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European nations move to keep Iran nuclear deal alive, despite Trump’s threats

The reactor building of the Bushehr nuclear power plant, just outside the southern city of Bushehr in Iran.
The reactor building of the Bushehr nuclear power plant, just outside the southern city of Bushehr in Iran.Majid Asgaripour/Associated Press/File 2010

WASHINGTON — When President Trump withdrew from the Obama-era Iran nuclear deal last year, it wasn’t exactly a quiet departure. Within days, the United States threatened sanctions, not only against Iran, but also against the foreign companies trading with it.

That threat was directed to major enterprises in countries that are some of the United States’ closest allies, including Germany, Britain, and France. Europe immediately announced it would not be bullied into following the United States out of the nuclear deal, but the rationale in Washington was that the Europeans would eventually budge.

That bet appears not to have gone according to plan — for both sides.

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On Thursday, the German TV network NDR and Reuters reported that Britain, France, and Germany had registered a transaction channel that could, theoretically, allow some European companies to keep trading with Iran, despite the threat of US sanctions against banks and other companies.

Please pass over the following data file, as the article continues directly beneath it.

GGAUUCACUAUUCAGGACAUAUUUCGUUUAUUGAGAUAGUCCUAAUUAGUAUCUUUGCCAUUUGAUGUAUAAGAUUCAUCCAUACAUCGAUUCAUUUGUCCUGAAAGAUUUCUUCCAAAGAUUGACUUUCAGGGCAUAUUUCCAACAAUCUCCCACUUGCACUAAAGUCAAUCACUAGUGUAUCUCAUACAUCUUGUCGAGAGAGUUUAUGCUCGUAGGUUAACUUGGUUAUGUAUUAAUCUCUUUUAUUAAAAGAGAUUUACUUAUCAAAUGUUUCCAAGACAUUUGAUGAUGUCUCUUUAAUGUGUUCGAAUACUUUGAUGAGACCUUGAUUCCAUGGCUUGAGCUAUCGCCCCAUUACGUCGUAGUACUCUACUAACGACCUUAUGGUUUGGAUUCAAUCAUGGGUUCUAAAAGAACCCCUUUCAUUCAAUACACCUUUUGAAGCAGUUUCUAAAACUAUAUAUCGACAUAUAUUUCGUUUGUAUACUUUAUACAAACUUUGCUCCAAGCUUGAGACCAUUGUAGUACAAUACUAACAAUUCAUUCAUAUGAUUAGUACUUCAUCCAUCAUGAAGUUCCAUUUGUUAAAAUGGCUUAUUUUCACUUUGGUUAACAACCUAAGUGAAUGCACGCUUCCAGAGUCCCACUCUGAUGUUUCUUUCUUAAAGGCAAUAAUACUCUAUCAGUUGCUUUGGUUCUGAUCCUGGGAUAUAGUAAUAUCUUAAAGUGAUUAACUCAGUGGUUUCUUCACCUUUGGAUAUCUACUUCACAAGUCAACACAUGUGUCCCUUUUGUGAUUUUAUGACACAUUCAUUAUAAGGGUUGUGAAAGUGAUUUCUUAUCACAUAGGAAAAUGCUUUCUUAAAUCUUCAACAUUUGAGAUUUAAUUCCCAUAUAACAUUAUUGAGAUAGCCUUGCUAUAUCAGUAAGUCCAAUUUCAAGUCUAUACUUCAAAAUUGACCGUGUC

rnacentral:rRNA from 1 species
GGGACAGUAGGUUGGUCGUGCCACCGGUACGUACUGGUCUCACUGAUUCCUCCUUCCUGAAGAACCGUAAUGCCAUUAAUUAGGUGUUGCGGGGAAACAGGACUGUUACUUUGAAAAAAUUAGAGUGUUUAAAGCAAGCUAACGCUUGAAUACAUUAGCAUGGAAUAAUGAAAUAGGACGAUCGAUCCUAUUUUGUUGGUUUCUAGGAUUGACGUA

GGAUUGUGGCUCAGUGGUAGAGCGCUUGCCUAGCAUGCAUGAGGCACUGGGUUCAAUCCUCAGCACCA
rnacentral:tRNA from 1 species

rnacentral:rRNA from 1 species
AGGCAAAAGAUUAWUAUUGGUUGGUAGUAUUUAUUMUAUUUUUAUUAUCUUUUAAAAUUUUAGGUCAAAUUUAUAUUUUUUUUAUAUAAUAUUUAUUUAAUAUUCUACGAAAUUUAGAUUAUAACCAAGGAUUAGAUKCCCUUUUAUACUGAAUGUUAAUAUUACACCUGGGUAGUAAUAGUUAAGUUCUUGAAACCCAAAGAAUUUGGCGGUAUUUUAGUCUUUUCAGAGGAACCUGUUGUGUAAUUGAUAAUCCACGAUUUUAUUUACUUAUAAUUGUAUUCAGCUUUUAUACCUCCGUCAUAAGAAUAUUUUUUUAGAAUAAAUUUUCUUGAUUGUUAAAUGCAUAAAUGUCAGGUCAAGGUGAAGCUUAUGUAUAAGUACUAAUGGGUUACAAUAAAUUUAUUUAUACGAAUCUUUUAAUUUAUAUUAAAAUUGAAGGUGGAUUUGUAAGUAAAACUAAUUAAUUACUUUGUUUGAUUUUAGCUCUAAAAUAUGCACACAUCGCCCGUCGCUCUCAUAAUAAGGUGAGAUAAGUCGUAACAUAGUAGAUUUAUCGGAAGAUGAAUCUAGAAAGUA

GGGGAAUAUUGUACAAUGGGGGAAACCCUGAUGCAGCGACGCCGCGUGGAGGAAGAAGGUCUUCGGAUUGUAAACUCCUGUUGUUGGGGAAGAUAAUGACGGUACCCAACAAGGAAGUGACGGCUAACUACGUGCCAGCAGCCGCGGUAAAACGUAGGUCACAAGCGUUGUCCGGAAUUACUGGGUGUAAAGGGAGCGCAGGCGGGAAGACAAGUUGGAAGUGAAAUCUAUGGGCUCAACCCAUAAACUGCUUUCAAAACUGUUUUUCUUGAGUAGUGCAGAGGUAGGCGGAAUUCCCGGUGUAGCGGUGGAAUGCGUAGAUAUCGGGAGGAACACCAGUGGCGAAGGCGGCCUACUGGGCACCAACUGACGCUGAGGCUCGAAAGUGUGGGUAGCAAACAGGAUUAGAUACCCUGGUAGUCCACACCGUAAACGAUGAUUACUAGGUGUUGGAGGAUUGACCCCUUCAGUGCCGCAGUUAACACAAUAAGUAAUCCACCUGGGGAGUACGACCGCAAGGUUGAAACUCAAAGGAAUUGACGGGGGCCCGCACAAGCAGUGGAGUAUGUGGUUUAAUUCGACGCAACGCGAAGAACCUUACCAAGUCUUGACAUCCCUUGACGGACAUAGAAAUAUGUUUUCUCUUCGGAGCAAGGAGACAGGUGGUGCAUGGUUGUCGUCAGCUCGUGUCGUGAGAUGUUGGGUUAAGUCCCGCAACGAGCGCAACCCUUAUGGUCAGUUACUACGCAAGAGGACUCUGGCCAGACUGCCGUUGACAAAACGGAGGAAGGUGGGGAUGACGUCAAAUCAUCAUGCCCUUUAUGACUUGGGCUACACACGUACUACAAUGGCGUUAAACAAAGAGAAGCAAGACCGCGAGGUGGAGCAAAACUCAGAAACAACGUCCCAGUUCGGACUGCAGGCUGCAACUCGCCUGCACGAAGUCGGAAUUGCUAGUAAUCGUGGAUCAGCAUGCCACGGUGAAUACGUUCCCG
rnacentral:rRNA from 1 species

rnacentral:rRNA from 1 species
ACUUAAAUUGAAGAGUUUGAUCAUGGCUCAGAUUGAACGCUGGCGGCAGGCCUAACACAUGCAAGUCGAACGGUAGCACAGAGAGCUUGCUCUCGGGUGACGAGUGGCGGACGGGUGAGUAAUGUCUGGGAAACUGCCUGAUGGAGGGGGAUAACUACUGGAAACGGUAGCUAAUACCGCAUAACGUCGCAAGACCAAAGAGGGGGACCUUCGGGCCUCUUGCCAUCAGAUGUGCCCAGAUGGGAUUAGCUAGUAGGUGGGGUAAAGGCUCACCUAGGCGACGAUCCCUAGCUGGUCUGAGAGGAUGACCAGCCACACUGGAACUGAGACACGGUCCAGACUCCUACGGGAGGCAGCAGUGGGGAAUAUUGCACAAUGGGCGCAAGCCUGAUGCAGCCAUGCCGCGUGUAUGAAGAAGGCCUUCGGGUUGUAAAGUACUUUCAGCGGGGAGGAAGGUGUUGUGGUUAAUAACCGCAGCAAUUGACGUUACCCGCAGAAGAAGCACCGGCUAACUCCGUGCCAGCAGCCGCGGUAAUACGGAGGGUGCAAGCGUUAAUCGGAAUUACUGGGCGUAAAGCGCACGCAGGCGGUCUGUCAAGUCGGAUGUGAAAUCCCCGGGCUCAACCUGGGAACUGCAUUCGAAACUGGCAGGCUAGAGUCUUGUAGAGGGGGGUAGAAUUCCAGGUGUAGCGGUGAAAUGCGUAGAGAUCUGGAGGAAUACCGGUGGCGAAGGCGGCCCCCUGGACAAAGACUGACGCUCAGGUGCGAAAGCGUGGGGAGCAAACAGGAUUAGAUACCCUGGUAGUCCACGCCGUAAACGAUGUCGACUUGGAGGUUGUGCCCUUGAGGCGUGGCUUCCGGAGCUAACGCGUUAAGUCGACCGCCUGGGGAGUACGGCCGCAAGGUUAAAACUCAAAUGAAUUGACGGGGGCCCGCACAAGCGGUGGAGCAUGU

To avoid money from being traded between Iran and Europe that could be used as evidence by the United States to justify sanctions, the transaction channel is expected to essentially operate as a clearinghouse for credit points. If an Iranian company trades with a European counterpart, it can use those credits to pay for purchased goods. That system works only if the trading is somewhat balanced, however.

Once operational, the system could represent a major European effort to keep the Iran nuclear deal alive, though it is unlikely to restore European-Iranian trade to its pre-Trump levels.

Neither the German Foreign Ministry nor the British Foreign Office responded to requests for comment on Thursday.

The Wall Street Journal reported on Tuesday that the governments of Britain, Germany, and France would be shareholders in the de facto clearinghouse, which means that if Washington is serious about its threats, it would probably have to directly sanction three of its closest allies.

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The theoretical possibility of that awkward choice comes as Trump is openly clashing with his own intelligence chiefs over Iran. While Trump previously implied that he withdrew from the deal because Tehran was seeking to build nuclear weapons, a Worldwide Threat Assessment report prepared by US intelligence officials publicly contradicted the president on Tuesday.

‘‘We continue to assess that Iran is not currently undertaking the key nuclear weapons-development activities we judge necessary to produce a nuclear device,’’ the officials wrote, echoing similar assessments by their European counterparts.